Spring Lake Rallies, Claims 1st Finals Win

October 18, 2014

By Tom Kendra
Special to Second Half

EAST LANSING – You could say that Spring Lake golf coach George Bitner was due.

Bitner, who started coaching boys golf at Spring Lake in 1968 and founded the school’s girls golf program in 1980, reached the pinnacle Saturday when his girls team rallied for the school’s first-ever golf MHSAA championship at the Lower Peninsula Division 3 Final at Forest Akers East.

“This is a different bunch,” explained Bitner, who calls himself 77 years young. “They are range rats that just want to get better. You can’t ask for much more than that.”

The Lakers delivered the old golf coach his first MHSAA title in dramatic fashion, erasing a six-stroke deficit to Bloomfield Hills Cranbrook-Kingswood after Friday’s opening round near the campus of Michigan State University.

Spring Lake sophomore Anna Kramer finished second overall with scores of 78 and 75, keying the Lakers’ Saturday charge as all five players improved their score from Friday for a surprisingly wide 18-stroke victory.

Spring Lake finished with a two-day total of 659, Cranbrook-Kingswood was second at 677, followed by defending champion Detroit Country Day (703), Grosse Ile (704) and Warren Regina (718).

“We were behind after the first day, but not by much, so our goal was for all of us to play a little better and that’s exactly what happened,” said Kramer, who drove the ball well all day to improve on her fourth-place Finals finish last fall as a freshman.

While it was a tough day for Cranbrook, which placed second for the third consecutive year, senior Cordelia Chan capped her stellar career for the Cranes by repeating as Division 3 medalist.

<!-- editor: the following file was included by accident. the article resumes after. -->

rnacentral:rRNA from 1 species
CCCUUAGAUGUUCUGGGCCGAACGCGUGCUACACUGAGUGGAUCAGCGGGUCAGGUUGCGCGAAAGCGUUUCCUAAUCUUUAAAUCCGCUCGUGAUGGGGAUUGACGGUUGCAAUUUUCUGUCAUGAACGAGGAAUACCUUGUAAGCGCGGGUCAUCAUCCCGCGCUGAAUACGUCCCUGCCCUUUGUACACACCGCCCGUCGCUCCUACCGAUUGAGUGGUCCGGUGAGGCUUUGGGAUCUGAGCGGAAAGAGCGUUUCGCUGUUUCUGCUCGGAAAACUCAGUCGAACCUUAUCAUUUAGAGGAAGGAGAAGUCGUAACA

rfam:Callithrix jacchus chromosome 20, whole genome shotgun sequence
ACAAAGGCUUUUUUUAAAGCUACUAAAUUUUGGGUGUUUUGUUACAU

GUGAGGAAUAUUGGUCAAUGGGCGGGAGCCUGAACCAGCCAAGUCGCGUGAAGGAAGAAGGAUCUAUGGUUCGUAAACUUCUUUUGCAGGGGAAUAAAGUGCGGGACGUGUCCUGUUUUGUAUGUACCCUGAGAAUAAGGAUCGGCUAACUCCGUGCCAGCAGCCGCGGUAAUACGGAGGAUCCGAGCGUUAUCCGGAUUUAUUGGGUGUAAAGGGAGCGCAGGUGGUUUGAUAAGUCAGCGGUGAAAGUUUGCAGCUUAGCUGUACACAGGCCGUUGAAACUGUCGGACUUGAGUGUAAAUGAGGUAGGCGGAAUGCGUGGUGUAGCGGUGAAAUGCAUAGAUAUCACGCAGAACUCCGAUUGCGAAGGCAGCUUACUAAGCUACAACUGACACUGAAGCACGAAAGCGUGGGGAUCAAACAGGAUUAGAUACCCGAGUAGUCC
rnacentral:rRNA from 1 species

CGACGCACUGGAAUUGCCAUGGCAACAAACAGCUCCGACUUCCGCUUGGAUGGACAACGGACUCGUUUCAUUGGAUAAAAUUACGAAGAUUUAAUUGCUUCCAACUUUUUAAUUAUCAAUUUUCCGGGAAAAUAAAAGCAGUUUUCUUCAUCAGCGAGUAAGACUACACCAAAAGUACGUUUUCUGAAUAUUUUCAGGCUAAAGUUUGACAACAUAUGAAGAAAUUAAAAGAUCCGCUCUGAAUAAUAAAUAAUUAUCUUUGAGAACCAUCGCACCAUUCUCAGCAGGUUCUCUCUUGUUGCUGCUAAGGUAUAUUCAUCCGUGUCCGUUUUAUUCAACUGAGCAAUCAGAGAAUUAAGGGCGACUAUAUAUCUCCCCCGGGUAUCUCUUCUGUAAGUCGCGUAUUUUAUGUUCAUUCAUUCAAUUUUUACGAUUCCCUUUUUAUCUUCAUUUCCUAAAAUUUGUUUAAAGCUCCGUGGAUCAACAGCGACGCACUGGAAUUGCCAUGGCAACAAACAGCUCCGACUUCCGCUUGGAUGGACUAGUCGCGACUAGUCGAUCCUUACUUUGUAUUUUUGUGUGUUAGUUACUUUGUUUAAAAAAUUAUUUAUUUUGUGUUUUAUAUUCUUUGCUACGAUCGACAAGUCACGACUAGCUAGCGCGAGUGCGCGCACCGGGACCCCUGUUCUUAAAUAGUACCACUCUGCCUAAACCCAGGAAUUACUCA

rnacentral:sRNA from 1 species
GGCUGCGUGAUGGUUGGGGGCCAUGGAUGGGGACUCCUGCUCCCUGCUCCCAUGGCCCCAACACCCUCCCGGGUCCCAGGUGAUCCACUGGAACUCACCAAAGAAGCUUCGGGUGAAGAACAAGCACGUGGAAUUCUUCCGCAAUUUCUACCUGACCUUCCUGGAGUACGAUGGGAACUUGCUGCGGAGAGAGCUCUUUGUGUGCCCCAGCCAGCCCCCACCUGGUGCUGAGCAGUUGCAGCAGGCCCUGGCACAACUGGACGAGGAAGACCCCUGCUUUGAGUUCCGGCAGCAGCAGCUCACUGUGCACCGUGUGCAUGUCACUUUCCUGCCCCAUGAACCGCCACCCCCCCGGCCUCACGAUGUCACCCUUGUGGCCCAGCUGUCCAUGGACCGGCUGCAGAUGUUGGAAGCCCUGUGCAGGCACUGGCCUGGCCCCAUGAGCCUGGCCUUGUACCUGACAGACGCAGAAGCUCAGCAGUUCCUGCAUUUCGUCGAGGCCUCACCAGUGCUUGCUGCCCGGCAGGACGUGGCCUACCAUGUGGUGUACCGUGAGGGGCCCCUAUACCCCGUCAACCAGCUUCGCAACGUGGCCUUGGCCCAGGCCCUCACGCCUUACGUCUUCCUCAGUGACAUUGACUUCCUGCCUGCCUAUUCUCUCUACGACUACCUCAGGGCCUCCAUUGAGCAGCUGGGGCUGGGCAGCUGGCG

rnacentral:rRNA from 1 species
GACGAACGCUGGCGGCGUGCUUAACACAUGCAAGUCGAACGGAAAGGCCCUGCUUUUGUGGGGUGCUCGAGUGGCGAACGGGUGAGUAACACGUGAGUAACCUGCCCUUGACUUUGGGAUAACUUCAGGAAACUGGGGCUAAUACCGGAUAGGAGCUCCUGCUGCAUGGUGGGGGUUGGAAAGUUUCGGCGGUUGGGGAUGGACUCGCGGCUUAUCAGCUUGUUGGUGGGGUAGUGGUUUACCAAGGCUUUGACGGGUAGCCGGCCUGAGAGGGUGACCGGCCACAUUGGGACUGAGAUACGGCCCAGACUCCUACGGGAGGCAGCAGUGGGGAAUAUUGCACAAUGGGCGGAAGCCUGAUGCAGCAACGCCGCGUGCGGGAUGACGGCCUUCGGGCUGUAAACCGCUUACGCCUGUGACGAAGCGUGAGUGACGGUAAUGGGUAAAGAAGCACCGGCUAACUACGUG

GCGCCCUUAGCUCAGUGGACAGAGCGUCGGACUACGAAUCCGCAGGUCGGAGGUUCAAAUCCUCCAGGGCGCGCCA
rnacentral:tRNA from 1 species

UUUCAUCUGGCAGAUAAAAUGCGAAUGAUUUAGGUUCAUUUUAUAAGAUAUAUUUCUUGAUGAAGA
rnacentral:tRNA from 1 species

Chan fired her second consecutive 75 in the cold, windy conditions to hold off Kramer by three shots. Emily Barker of Lake Odessa Lakewood placed third at 160.

“I wasn’t actually swinging very well, but the course was open enough where it kind of played to my mistakes,” Chan explained. “I worked on my game last night with my dad so that kind of helped – with my tee shots, especially.”

Freshman Kate Cao was second for Cranbrook at 172 and senior Molly Wiener third at 174.

The same three teams finished 1-2-3 last fall as well, just in different order. Country Day and Cranbrook actually tied for first, but the Yellowjackets prevailed on the fifth-player tiebreaker. Spring Lake took third.

This year, Spring Lake was the team that made the biggest adjustments between Friday’s opening round and the close of play Saturday afternoon. 

All five of the Lakers’ players improved their score by at least two strokes, with the biggest moves coming in the middle of the lineup. Junior Kayla Krueger shot 87-81-168 and senior Ginnie Olszewski shot 83-79-162. Junior Emma Conroy (90-86-176) and freshman Madelyn Nelson (90-88-178) rounded out the Spring Lake scoring.

Olszewski, the only senior in the Spring Lake top five, achieved her goal of breaking 80 on Saturday despite a quadruple bogey on her final hole. It was quite an improvement from her freshman year, when she shot rounds of 117 and 116. 

“We went from basically nothing in my freshman year to state champs in my senior year, so that feels really, really, really good,” Olszewski said. “It’s so cool that it wasn’t just one of us. Everyone stepped up, which is awesome for Coach Bitner.”

Bitner, who was inducted into the Michigan Interscholastic Golf Coaches Association Hall of Fame in 1996, has built his coaching philosophy around the acronym “kismif” – keep it simple, make it fun. 

He believes that emphasis helped his girls relax and go out and play their most impressive team round of the season Saturday.

“I honestly wasn’t worried with the six-stroke deficit one bit,” said Bitner, who started his coaching career 50 years ago as the boys track coach at Holton High School in 1964. “The girls were so focused. They just went out and did it.”